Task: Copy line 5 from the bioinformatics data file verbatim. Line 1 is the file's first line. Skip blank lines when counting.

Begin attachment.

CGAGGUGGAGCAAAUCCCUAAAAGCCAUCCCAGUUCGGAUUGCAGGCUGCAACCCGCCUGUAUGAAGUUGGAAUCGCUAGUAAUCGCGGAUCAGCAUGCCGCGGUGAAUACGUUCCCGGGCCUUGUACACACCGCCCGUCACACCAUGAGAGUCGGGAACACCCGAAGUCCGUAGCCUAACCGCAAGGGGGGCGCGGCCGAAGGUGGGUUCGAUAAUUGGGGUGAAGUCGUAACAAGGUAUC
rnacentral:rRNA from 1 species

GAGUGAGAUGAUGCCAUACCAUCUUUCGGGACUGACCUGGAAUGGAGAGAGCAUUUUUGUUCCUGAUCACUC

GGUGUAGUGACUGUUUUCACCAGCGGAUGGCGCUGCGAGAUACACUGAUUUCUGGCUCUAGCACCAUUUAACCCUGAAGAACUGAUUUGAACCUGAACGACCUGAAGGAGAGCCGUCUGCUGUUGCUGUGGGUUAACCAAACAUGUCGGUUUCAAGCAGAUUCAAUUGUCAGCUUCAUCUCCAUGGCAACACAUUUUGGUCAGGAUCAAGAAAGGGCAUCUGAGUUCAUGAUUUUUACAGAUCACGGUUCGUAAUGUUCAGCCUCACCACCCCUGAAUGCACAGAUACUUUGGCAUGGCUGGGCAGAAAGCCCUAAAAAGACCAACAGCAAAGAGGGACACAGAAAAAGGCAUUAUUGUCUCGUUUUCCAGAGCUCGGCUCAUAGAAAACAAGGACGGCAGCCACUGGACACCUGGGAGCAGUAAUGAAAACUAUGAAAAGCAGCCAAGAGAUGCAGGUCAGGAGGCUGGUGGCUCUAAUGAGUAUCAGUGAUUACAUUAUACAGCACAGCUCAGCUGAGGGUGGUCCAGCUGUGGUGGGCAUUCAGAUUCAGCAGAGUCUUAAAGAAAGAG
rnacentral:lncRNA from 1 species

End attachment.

rnacentral:lncRNA from 1 species